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Marketa Cilkova, Adam M Dubis, Esther Papamichael, Padraig Joseph Mulholland, Andrew Rider, Steven Dakin, Adnan Tufail, Gary S Rubin, Roger S Anderson; Differences in retinal cone morphology between subjects with dry AMD and healthy participants observed with OCT and narrow-angle Heidelberg Retinal Angiograph 2. Invest. Ophthalmol. Vis. Sci. 2016;57(12):4936.
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© ARVO (1962-2015); The Authors (2016-present)
We used a multimodal imaging approach to uncover differences in outer retinal layer and cone mosaic morphology between patients with dry age related macular degeneration (AMD) and age matched normal controls.
Five subjects with early to intermediate dry AMD (69 ± 5 years) and five age matched controls with healthy eyes (66 ± 5 years) underwent Spectralis 30° infrared reflectance imaging, optical coherence tomography (OCT) and cone photoreceptor imaging using a narrow-angle Heidelberg Retinal Angiograph 2 (HRA2). OCT images were analyzed manually using the manufacturer’s software and callipers to measure outer retinal (outer plexiform layer to retinal pigment epithelium) and outer segment (ellipsoid zone to retinal pigment epithelium) thickness. The HRA2 was modified in order to visualise parafoveal cone photoreceptors through a reduction in the scan angle from 30° to 3° and a subsequent increase in the system resolution. The internal fixation target was set at 9°. Images of two pairs of adjacent regions of interest were acquired for each subject and photoreceptor densities were determined with a manual counting algorithm. Photoreceptor densities of adjacent pairs were compared to OCT layer thicknesses at the same locations.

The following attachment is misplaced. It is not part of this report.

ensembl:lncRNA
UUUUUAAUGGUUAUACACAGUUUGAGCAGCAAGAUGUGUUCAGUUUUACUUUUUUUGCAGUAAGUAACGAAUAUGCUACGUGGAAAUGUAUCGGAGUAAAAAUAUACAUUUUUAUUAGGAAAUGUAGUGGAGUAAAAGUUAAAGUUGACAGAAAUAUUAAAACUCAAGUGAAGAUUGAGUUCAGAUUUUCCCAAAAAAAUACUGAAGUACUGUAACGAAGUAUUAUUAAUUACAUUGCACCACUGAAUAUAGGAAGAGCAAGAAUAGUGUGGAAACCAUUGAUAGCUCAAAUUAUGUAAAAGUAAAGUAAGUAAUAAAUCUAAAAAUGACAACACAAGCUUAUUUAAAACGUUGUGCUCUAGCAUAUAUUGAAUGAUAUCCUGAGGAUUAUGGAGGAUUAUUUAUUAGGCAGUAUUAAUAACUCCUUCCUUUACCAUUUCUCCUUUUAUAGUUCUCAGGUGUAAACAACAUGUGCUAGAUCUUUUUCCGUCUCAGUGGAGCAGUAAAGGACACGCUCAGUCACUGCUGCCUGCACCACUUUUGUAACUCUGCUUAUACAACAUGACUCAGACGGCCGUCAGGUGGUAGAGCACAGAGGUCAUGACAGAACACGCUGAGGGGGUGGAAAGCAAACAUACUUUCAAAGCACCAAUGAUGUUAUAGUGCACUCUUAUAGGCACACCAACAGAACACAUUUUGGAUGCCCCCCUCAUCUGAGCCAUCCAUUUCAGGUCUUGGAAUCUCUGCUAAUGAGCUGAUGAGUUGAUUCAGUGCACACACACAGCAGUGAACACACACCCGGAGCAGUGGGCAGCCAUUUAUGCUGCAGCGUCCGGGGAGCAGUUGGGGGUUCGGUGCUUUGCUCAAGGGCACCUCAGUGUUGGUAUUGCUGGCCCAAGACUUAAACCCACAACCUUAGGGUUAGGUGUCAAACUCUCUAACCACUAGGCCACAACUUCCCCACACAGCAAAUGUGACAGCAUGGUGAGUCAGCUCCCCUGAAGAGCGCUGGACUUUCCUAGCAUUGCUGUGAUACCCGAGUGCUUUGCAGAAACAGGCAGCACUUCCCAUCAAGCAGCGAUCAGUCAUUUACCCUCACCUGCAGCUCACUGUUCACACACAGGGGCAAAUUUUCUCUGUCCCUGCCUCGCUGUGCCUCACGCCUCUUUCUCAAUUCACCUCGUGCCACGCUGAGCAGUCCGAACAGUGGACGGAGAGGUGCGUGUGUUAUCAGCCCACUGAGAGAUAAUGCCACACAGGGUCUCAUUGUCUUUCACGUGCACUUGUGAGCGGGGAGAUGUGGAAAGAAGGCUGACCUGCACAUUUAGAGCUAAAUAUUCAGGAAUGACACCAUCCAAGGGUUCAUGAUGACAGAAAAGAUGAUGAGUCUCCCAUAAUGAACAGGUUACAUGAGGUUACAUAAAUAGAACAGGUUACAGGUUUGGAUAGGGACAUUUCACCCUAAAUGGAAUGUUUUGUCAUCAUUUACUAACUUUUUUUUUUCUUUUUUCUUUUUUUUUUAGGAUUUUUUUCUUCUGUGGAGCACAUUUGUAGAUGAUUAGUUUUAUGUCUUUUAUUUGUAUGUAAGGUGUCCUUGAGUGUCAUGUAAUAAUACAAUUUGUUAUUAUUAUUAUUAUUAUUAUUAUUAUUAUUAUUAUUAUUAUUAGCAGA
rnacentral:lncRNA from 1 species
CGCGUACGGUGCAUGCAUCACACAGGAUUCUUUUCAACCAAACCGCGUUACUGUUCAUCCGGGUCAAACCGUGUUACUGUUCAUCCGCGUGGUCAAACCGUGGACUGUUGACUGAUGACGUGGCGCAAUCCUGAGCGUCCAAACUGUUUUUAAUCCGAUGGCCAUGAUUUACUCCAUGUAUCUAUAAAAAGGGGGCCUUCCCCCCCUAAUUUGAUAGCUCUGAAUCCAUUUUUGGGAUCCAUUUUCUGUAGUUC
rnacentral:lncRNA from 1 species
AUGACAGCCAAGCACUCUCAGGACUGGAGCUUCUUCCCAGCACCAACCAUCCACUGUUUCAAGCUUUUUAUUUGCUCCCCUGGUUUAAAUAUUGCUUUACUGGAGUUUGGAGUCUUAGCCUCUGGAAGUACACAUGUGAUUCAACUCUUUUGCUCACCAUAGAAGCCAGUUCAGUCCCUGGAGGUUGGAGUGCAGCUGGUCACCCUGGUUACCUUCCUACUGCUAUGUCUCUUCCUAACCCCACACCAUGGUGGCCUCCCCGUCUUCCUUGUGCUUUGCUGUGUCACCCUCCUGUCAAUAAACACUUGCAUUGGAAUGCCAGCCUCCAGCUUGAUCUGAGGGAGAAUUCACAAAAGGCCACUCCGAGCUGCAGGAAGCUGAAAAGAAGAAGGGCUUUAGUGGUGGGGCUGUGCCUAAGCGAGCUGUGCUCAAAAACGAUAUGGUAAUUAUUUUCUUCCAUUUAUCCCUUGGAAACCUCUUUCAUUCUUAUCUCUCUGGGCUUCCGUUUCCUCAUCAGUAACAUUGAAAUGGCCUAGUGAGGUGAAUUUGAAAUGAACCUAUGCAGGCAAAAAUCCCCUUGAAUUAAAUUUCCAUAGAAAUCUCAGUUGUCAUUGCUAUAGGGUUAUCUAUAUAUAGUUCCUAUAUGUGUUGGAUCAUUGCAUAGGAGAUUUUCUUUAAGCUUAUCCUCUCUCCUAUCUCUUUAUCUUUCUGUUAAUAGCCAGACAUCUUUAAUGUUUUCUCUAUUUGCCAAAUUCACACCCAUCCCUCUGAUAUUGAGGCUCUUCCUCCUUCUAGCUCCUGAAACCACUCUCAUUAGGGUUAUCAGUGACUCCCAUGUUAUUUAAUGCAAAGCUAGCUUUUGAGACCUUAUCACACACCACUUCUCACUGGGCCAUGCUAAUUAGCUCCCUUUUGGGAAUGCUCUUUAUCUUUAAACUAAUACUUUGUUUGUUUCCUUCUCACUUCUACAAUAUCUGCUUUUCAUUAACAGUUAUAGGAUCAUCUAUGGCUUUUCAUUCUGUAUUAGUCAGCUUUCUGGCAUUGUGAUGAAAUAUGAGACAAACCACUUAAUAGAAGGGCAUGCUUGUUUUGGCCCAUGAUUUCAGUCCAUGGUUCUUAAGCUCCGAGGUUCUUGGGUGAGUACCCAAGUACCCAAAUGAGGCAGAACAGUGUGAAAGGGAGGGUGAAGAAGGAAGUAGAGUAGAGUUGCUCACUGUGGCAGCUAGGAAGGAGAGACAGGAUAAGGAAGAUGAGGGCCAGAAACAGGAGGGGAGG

AMD patients had on average fewer visible cones than normal controls (3131 vs. 3994 cones/mm2). In addition to the global reduction of detectable cones, there was also variable loss in photoreceptor density with the adjacent regions of interest varying by 9.0% for the normal controls and 22.2% in the AMD patients (p=0.001). Interestingly, there was no significant difference in outer retinal thickness between normal controls and AMD subjects at the locations of imaging (p=0.23), however, there was a significant reduction in outer segment thickness in the AMD group (p=0.011).
While our data is limited, it suggests that the ‘lost’ photoreceptor cells may still be present in subjects with AMD, however their outer segment morphology may be altered.
This is an abstract that was submitted for the 2016 ARVO Annual Meeting, held in Seattle, Wash., May 1-5, 2016.
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